[Numpy-discussion] fixing up datetime
Marc Shivers
marc.shivers@gmail....
Thu Jun 2 07:25:06 CDT 2011
Regarding business days, for financial data, trading days are
determined by each exchange, so, in particular, there is no such thing
as a US Trading Calendar, only a NYSE Calendar, NYMEX Calendar, etc,
etc... . I think it would be useful to have functionality where you
could start with a weekday calendar with specified normal trading
hours and easily remove a list of non-trading days that the user
specifies as well as modify the days where the trading hours are
shorter (e.g. the day after thanksgiving).
I think anything more specific should probably be relegated to a
specific package for financial calendars, as this entire topic gets
very messy very fast.
-Marc
On Wed, Jun 1, 2011 at 7:47 PM, Wes McKinney <wesmckinn@gmail.com> wrote:
> On Wed, Jun 1, 2011 at 10:29 PM, Charles R Harris
> <charlesr.harris@gmail.com> wrote:
>>
>>
>> On Wed, Jun 1, 2011 at 3:16 PM, Mark Wiebe <mwwiebe@gmail.com> wrote:
>>>
>>> On Wed, Jun 1, 2011 at 3:52 PM, Charles R Harris
>>> <charlesr.harris@gmail.com> wrote:
>>>>
>>>> <snip>
>>>> Just a quick comment, as this really needs more thought, but time is a
>>>> bag of worms.
>>>
>>> Certainly a bag of worms, I agree.
+1
>>>
>>>>
>>>> Trying to represent some standard -- say seconds at the solar system
>>>> barycenter to account for general relativity -- is something that I think is
>>>> too complicated and specialized to put into numpy.
>>>>
>>>>
>>>>
>>>> Good support for units and delta times is very useful,
>>>
>>> This part works fairly well now, except for some questions like what
>>> should datetime("2011-01-30", "D") + timedelta(1, "M") produce. Maybe
>>> "2011-02-28", or "2011-03-02"?
>>>
>>>>
>>>> but parsing dates and times
>>>
>>> I've implemented an almost-ISO 8601 date-time parser. I had to deviate a
>>> bit to support years outside the little 10000-year window we use. I think
>>> supporting more formats could be handled by writing a function which takes
>>> its date format and outputs ISO 8601 format to feed numpy.
>>
>> Heh, 10000 years is way outside the window in which the Gregorian calender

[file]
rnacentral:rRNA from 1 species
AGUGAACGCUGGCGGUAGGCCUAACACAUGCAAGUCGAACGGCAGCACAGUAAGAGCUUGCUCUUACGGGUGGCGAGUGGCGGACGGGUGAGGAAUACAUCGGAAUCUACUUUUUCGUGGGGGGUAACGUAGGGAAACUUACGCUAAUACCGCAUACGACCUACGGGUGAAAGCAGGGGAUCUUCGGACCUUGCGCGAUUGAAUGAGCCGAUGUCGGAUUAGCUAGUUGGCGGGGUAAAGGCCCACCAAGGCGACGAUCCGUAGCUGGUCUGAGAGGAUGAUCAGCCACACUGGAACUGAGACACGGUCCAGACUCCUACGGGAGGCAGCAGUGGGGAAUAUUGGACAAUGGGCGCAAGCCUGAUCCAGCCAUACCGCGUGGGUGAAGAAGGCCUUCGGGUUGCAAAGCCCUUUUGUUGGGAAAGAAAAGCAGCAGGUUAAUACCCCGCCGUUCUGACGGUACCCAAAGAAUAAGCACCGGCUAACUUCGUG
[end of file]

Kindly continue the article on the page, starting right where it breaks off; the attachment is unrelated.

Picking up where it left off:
>> is useful anyway. Now, strict Julian days start at the creation of the world
>> so that's a real standard, sort of like degrees Kelvins ;)
>>
>>>>
>>>> and handling timezones, daylight savings,
>>>
>>> The only timezone to handle is "local", which it looks like standard C has
>>> a rich enough API for this to be ok.
>>>
>>>>
>>>> leap seconds,
>>>
>>> This one can be mitigated by referencing TAI or GPS time, I think. POSIX
>>> time looks like a can of worms though.
>>>
>>>>
>>>> business days,
>>>
>>> I think Enthought has some interest in a decent business day
>>> functionality. Some feedback from people doing time series and financial
>>> modeling would help clarify this though. This link may provide some context:
>>> http://www.financialcalendar.com/Data/Holidays/Formats
>>
>> Well, that can change. Likewise, who wants to track ERS for the leap
>> seconds?
>>
>> I think the important thing is that the low level support needed to
>> implement such things is available. A package for common use cases that
>> serves as an example and that can be extended/modified by others would also
>> be helpful.
>>
>> Chuck
>>
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>>
>
> Being involved in financial data analysis (e.g. via pandas) this stuff
> will affect me very directly. I'll get back to you soon with some
> comments.
>
> - Wes
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